Vision Therapy Evaluation – Results (Red Flags)

So, I wrote previously that we had our parental consultation for my oldest’s Vision Therapy evaluation. The results mostly indicated my child was on par with her peers with only a few “red flag” areas, in their opinion. Sections in quotes are taken directly from the letter they wrote to us.

Visual Motor Integration– Her VMI is below normal. This is then broken down into three parts to see where the further problem can be pinpointed. Visual – Her brain processes what she sees fine. Integration – She is within the average range (albeit low) in how her brain communicates what she sees to action. Motor – Her (fine) motor skills are definitely below average.

Other tests confirm that fine motor skills (showing up for me in drawing, coloring, and handwriting) are below normal range. These results are consistent with what I see every day. You could say she is “just messy” and assign more practice. But this would be torture for some, especially if they truly have a developmental issue.

Left/Right Orientation

One test checked her knowledge of rights and lefts for her own self and others (mirror image and 90/270°  orientation). She doesn’t have this skill set down and is behind her peers developmentally because of it, according to this test.

General Movement

They tested balance with eyes open and closed. She scored more than a year and a half beyond her age group in these balance tests. However, her bilateral integration is that of someone more than a year younger. She has limited ability to use both sides of her body in a coordinated manner.

This means that if she was in dance or gymnastics, she wouldn’t be very good at it. Swimming strokes are difficult for her to execute properly. Some other sports activities would be challenging because of her bilateral limitations.

These deficiencies could be addressed by physical therapists, they told us, but they cover them as part of the whole package.

Dyslexia Determination Test

They defined dyslexia as a written language coding dysfunction that results in a secondary comprehension problem. They break up the decoding process into two areas – “phonetic word analysis” and “eidetic word analysis.” If your angular gyrus says it knows the word already, they say you process it as a “whole word.” Unfamiliar words require the help of “wernicke’s area” where phonetic analysis takes place.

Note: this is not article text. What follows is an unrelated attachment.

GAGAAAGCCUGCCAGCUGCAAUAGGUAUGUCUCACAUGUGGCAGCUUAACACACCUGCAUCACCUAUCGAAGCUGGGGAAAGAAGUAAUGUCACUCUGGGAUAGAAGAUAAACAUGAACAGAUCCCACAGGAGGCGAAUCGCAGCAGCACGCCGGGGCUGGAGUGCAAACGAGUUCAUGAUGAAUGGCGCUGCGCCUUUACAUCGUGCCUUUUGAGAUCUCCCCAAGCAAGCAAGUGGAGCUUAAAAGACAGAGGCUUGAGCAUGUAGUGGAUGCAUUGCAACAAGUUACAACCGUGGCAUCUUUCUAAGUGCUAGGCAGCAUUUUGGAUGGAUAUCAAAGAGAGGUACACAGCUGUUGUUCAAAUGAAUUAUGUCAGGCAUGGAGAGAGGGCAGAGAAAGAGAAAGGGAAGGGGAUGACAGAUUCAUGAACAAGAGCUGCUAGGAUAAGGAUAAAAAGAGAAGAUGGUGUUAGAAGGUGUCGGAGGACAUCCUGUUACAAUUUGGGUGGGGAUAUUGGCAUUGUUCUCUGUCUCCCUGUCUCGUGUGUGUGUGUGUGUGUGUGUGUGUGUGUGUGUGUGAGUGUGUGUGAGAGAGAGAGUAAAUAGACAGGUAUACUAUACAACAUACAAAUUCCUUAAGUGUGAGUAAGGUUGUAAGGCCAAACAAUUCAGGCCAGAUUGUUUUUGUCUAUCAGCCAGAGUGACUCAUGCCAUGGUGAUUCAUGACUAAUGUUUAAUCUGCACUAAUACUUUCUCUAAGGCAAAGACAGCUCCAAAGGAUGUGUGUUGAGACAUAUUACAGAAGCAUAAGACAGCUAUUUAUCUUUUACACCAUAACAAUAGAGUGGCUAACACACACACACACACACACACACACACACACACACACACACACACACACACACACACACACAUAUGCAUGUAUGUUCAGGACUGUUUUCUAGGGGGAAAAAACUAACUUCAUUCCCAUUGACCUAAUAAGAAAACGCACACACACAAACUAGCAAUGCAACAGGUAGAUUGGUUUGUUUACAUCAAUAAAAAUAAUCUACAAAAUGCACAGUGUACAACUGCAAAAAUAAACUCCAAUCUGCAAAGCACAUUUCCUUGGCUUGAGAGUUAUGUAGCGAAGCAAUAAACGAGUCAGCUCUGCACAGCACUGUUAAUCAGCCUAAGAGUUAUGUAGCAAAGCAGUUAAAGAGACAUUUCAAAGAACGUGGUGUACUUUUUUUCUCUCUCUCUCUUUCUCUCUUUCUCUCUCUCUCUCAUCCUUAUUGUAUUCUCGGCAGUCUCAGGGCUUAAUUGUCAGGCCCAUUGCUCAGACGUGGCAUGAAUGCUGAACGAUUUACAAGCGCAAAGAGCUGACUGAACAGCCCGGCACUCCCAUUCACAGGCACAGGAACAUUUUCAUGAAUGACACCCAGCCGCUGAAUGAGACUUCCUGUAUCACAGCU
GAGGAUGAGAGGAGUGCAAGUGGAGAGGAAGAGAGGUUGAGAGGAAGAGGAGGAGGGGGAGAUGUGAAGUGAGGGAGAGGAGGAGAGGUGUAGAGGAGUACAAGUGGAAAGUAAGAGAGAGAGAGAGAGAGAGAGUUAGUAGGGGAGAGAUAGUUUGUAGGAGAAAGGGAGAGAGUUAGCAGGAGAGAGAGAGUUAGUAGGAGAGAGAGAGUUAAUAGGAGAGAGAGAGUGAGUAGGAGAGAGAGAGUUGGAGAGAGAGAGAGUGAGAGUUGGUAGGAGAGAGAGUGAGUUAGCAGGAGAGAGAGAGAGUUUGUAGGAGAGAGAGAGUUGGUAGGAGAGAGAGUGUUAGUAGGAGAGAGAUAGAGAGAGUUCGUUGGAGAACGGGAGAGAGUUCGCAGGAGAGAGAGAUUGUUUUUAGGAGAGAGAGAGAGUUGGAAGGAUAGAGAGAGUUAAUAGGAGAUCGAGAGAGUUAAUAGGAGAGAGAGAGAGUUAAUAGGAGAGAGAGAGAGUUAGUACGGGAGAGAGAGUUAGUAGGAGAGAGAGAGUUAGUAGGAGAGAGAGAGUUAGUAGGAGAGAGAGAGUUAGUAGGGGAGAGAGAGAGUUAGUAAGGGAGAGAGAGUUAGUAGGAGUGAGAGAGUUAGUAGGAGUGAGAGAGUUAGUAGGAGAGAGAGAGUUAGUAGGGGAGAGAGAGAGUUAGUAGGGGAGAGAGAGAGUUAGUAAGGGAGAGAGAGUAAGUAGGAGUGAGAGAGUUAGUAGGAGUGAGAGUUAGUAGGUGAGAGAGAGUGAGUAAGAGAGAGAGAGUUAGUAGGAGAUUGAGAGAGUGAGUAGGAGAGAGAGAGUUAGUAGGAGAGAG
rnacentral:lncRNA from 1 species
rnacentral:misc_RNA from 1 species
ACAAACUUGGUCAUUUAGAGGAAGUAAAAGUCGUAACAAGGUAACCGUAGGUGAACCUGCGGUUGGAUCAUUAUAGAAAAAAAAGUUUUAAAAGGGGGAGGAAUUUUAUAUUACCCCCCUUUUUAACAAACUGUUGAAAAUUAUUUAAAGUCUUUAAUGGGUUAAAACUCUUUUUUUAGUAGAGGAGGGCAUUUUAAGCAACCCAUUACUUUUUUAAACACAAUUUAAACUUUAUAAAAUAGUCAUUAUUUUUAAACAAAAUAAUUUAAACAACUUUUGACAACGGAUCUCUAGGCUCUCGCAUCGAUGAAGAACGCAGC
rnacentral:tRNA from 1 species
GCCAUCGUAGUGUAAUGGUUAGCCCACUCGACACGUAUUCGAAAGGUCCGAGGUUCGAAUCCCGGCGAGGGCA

Their testing requires the child to read sets of words that are normed by grade level. Once they determine what level of words the child can no longer “decode” (read correctly?), they give a spelling test on all the “phonetically irregular” words that their testing said were “sight words” (defined by them as words read correctly within 1-2 seconds). If a child performs poorly on this section, they believe this shows a problem in the angular gyrus section of the brain because the child “cannot visualize the words as a whole.”

“Next, the child writes the words they could not identify by sight or phonemic decoding.” So, any words she pronounced wrong or said she didn’t know, she was asked to write “the way they sound” (Note: not with correct spelling. “Calf” would “correctly” be written for this tests as “kaf.”) This is their test of Wernicke’s area of the brain for problems with “phonemic decoding.”

On this test, she showed that she can decode two grade levels above her peers (one grade level above where I have her in homeschool). Her spelling was atrocious. Her phonetic versions of mispronounced words were graded as correct. This meant they scored her “sight word encoding” as being mildly deficient and her “phonemic encoding” as being above normal.

They also tested silent word reading without the requirement of pronunciation. Then, they used two subtests to check “sight word” and “phonemic decoding” to see how quickly and accurately she could pronounce printed words (real and made-up). Her silent word reading score (test 2) was slightly above average. Her sight word efficiency and phonemic efficiency scores (test 3) were also slightly above average.

I am no expert, but these three tests taken together showed mixed results. The Vision Therapy experts interpreted them to mean she has “mild visualization deficits and no phonetic word analysis deficits.”


In the next post, I will outline other tests they performed & my observations as well as their overall summary and suggested plan for therapy. I will also have a post specifically about the dyslexia determination and what happened with the VT doctor when we were discussing the results of that test. Finally, I will lay out our plan.

About doucementgently

I'm a thirty-something female with loads of kids, a great husband, and lots of things on my mind. I plan on blogging about homeschooling, personal finance, the economy in the U.S., politics, family life, and the things my children do.
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2 Responses to Vision Therapy Evaluation – Results (Red Flags)

  1. Please feel free to contact me. I do a lot of work in this area and am happy to answer your questions and give you a few processes that I am confident will help move forward.

    Kind Regards, Andrew Bendefy UK

  2. Like anything, I am sure there are many ways to interpret these test results. Finding neutral people that can really help has to be both nerve racking and challenging.

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